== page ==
Monday’s tests were an abdomen ultrasound and a contrast MRCP (a form of MRI)  The new venous collaterals and mysterious tumor sent up a million red flags, and on Tuesday, my doctor told me how important it was that we expedite the pre-transplant work up and get the liver out ASAP.  As I’ve said, she was excited about the outcome and thinks my life will be something I’ve never known before.  I’ll feel good, have energy, and be able to really live.  Being sick since age 5, I just won’t have any idea what it’s like.  I like the idea of it though!

In between telling our close friends and family, the next few days were just rough.  

Thursday was by far the craziest day of pre-transplant prep – it was painful, it was long, and we had a ton amount of information thrown at us.

5:45am: Leave for Cleveland
7am: Laboratory – about 30 vials of blood pretty much drained my energy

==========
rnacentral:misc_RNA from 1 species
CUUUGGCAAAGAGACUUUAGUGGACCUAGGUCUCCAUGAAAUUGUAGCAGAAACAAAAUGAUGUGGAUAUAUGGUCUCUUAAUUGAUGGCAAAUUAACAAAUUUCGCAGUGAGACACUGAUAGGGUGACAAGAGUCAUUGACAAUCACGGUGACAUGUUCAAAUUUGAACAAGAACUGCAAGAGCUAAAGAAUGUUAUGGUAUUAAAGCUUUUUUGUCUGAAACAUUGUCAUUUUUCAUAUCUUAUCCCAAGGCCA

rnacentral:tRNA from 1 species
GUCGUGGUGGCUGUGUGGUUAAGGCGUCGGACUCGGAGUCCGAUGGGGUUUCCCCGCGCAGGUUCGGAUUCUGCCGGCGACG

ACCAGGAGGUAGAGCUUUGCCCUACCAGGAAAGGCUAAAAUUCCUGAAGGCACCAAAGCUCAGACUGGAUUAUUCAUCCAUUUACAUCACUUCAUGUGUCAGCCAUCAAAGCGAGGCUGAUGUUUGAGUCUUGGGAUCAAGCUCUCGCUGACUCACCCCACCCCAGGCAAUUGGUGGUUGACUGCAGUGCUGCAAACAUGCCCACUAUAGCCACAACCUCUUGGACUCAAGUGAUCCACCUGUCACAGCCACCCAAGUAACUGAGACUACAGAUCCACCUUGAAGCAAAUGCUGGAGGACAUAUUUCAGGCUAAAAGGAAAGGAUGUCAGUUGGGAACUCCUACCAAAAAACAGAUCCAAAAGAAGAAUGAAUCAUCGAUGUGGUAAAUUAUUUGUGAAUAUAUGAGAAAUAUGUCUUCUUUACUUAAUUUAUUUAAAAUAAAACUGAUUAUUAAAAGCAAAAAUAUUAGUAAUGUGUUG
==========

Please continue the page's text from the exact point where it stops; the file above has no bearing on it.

7:40: Adult gastroenterologist consult
8:30 Financial specialist
9am: Radiology and surgeon consult 
10am: Chest X-ray (which got pushed to late afternoon)
10:30am: EKG  (which also got pushed to late afternoon)
11am: Pulmonary function testing
11:30am: Transplant coordinator
12:30pm:  Computerized health questionnaire
1pm: Infectious disease
2:30pm: Arterial blood gas testing (PAIN) 

Friday was a little better…

The day began at 7:30am when I got radioactive dye injected into my vein for later bone imaging.
8:30am: Lisa, social worker
10:30am: Bone scan to check for any movement of the tumor
HOME early!

I chilled like crazy all weekend, as fatigue is my biggest symptom and I don’t bounce back too well from long days.

Next week, I’ll be meeting with a hem-onc, a women’s health CNP, an anesthesia specialist, and there will be a large teaching session where we will be drilled in the As-Zs of a liver transplant.

I’m a little thankful I’m too tired to care much about this.  Otherwise I think I might be a mess.   Plus God is carrying us right now, I can feel it.  Plus this isn’t quite reality yet.

Love to you all.